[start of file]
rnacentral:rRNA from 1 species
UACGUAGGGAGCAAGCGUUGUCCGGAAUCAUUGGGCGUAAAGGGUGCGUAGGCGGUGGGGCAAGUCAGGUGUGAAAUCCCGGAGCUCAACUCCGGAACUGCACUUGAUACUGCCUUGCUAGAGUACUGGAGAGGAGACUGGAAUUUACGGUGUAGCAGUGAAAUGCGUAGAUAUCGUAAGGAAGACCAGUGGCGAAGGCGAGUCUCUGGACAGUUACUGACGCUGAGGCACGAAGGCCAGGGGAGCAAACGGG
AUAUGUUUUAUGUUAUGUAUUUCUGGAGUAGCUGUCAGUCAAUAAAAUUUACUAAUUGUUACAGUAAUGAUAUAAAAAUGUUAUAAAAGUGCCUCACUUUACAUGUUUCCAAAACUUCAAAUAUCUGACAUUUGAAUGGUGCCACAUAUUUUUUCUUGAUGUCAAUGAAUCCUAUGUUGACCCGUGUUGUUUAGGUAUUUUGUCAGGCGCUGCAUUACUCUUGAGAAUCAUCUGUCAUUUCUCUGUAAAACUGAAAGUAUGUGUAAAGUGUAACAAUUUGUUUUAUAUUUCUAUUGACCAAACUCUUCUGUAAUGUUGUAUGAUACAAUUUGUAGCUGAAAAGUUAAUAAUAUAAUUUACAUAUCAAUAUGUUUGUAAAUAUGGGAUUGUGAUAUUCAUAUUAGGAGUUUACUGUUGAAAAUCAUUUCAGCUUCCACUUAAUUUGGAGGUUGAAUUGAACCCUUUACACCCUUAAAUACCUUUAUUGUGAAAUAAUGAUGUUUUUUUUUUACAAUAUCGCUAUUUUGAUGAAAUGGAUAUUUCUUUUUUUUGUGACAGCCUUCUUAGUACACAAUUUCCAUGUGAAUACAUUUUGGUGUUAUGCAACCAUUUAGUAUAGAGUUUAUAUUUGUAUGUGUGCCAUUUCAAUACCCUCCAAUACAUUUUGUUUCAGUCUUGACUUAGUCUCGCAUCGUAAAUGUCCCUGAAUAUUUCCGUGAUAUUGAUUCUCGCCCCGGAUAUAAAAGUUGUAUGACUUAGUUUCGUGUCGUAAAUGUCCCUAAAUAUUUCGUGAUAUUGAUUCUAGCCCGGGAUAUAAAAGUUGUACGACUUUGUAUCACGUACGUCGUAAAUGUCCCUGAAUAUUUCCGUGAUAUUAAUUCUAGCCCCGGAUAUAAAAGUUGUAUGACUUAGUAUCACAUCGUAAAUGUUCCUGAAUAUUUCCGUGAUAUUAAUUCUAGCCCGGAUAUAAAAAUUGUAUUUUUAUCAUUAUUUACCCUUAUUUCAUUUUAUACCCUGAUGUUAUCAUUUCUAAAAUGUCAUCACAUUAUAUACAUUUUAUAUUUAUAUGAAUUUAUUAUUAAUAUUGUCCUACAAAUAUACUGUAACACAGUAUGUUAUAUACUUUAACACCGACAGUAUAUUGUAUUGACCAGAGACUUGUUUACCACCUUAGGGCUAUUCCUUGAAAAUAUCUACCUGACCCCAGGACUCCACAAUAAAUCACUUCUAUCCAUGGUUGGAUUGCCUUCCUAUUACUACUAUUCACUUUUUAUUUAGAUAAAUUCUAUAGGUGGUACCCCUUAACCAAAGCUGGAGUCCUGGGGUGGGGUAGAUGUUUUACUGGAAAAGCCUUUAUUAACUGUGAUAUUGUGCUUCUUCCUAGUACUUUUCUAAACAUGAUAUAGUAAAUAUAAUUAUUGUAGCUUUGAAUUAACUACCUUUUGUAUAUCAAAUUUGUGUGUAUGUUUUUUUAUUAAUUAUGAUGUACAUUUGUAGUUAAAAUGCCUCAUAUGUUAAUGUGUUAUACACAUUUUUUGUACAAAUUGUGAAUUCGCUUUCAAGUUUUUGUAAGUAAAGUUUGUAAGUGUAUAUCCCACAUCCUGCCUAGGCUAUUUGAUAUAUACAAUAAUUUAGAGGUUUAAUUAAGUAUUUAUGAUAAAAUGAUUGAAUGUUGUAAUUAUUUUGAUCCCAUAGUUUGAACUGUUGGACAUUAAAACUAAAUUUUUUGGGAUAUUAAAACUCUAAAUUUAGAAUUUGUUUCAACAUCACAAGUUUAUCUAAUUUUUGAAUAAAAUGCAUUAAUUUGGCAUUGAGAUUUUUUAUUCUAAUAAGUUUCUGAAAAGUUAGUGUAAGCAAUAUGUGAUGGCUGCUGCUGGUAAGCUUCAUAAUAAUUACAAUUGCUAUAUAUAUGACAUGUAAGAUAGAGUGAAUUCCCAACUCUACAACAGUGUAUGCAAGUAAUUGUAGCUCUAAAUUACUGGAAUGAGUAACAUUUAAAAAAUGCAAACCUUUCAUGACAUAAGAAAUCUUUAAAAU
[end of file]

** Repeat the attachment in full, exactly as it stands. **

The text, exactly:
rnacentral:rRNA from 1 species
UACGUAGGGAGCAAGCGUUGUCCGGAAUCAUUGGGCGUAAAGGGUGCGUAGGCGGUGGGGCAAGUCAGGUGUGAAAUCCCGGAGCUCAACUCCGGAACUGCACUUGAUACUGCCUUGCUAGAGUACUGGAGAGGAGACUGGAAUUUACGGUGUAGCAGUGAAAUGCGUAGAUAUCGUAAGGAAGACCAGUGGCGAAGGCGAGUCUCUGGACAGUUACUGACGCUGAGGCACGAAGGCCAGGGGAGCAAACGGG
AUAUGUUUUAUGUUAUGUAUUUCUGGAGUAGCUGUCAGUCAAUAAAAUUUACUAAUUGUUACAGUAAUGAUAUAAAAAUGUUAUAAAAGUGCCUCACUUUACAUGUUUCCAAAACUUCAAAUAUCUGACAUUUGAAUGGUGCCACAUAUUUUUUCUUGAUGUCAAUGAAUCCUAUGUUGACCCGUGUUGUUUAGGUAUUUUGUCAGGCGCUGCAUUACUCUUGAGAAUCAUCUGUCAUUUCUCUGUAAAACUGAAAGUAUGUGUAAAGUGUAACAAUUUGUUUUAUAUUUCUAUUGACCAAACUCUUCUGUAAUGUUGUAUGAUACAAUUUGUAGCUGAAAAGUUAAUAAUAUAAUUUACAUAUCAAUAUGUUUGUAAAUAUGGGAUUGUGAUAUUCAUAUUAGGAGUUUACUGUUGAAAAUCAUUUCAGCUUCCACUUAAUUUGGAGGUUGAAUUGAACCCUUUACACCCUUAAAUACCUUUAUUGUGAAAUAAUGAUGUUUUUUUUUUACAAUAUCGCUAUUUUGAUGAAAUGGAUAUUUCUUUUUUUUGUGACAGCCUUCUUAGUACACAAUUUCCAUGUGAAUACAUUUUGGUGUUAUGCAACCAUUUAGUAUAGAGUUUAUAUUUGUAUGUGUGCCAUUUCAAUACCCUCCAAUACAUUUUGUUUCAGUCUUGACUUAGUCUCGCAUCGUAAAUGUCCCUGAAUAUUUCCGUGAUAUUGAUUCUCGCCCCGGAUAUAAAAGUUGUAUGACUUAGUUUCGUGUCGUAAAUGUCCCUAAAUAUUUCGUGAUAUUGAUUCUAGCCCGGGAUAUAAAAGUUGUACGACUUUGUAUCACGUACGUCGUAAAUGUCCCUGAAUAUUUCCGUGAUAUUAAUUCUAGCCCCGGAUAUAAAAGUUGUAUGACUUAGUAUCACAUCGUAAAUGUUCCUGAAUAUUUCCGUGAUAUUAAUUCUAGCCCGGAUAUAAAAAUUGUAUUUUUAUCAUUAUUUACCCUUAUUUCAUUUUAUACCCUGAUGUUAUCAUUUCUAAAAUGUCAUCACAUUAUAUACAUUUUAUAUUUAUAUGAAUUUAUUAUUAAUAUUGUCCUACAAAUAUACUGUAACACAGUAUGUUAUAUACUUUAACACCGACAGUAUAUUGUAUUGACCAGAGACUUGUUUACCACCUUAGGGCUAUUCCUUGAAAAUAUCUACCUGACCCCAGGACUCCACAAUAAAUCACUUCUAUCCAUGGUUGGAUUGCCUUCCUAUUACUACUAUUCACUUUUUAUUUAGAUAAAUUCUAUAGGUGGUACCCCUUAACCAAAGCUGGAGUCCUGGGGUGGGGUAGAUGUUUUACUGGAAAAGCCUUUAUUAACUGUGAUAUUGUGCUUCUUCCUAGUACUUUUCUAAACAUGAUAUAGUAAAUAUAAUUAUUGUAGCUUUGAAUUAACUACCUUUUGUAUAUCAAAUUUGUGUGUAUGUUUUUUUAUUAAUUAUGAUGUACAUUUGUAGUUAAAAUGCCUCAUAUGUUAAUGUGUUAUACACAUUUUUUGUACAAAUUGUGAAUUCGCUUUCAAGUUUUUGUAAGUAAAGUUUGUAAGUGUAUAUCCCACAUCCUGCCUAGGCUAUUUGAUAUAUACAAUAAUUUAGAGGUUUAAUUAAGUAUUUAUGAUAAAAUGAUUGAAUGUUGUAAUUAUUUUGAUCCCAUAGUUUGAACUGUUGGACAUUAAAACUAAAUUUUUUGGGAUAUUAAAACUCUAAAUUUAGAAUUUGUUUCAACAUCACAAGUUUAUCUAAUUUUUGAAUAAAAUGCAUUAAUUUGGCAUUGAGAUUUUUUAUUCUAAUAAGUUUCUGAAAAGUUAGUGUAAGCAAUAUGUGAUGGCUGCUGCUGGUAAGCUUCAUAAUAAUUACAAUUGCUAUAUAUAUGACAUGUAAGAUAGAGUGAAUUCCCAACUCUACAACAGUGUAUGCAAGUAAUUGUAGCUCUAAAUUACUGGAAUGAGUAACAUUUAAAAAAUGCAAACCUUUCAUGACAUAAGAAAUCUUUAAAAU